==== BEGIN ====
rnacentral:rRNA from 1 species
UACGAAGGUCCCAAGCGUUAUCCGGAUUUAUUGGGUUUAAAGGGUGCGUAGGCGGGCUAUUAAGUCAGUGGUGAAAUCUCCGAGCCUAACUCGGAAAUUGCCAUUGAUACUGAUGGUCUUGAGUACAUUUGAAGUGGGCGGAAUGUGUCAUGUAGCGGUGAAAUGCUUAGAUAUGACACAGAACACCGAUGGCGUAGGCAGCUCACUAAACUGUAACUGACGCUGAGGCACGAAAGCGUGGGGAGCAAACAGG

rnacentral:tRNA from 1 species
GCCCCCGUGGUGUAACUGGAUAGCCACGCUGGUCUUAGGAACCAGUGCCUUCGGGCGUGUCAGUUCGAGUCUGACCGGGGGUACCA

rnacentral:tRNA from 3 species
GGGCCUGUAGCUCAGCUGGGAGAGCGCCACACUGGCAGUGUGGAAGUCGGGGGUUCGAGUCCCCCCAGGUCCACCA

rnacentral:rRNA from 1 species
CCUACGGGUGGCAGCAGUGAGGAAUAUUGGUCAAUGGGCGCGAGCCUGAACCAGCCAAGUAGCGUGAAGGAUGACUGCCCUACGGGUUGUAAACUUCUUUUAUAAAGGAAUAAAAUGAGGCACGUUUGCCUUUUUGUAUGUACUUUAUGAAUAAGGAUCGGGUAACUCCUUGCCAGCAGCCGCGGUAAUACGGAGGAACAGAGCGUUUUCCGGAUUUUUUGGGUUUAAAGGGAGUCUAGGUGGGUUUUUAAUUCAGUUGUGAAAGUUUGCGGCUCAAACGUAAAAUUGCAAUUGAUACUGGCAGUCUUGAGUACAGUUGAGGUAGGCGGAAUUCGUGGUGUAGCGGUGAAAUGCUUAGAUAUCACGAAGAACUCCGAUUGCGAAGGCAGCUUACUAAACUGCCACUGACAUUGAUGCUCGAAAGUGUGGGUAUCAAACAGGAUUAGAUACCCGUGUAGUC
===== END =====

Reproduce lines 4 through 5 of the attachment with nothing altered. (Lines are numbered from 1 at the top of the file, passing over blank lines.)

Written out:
GCCCCCGUGGUGUAACUGGAUAGCCACGCUGGUCUUAGGAACCAGUGCCUUCGGGCGUGUCAGUUCGAGUCUGACCGGGGGUACCA

rnacentral:tRNA from 3 species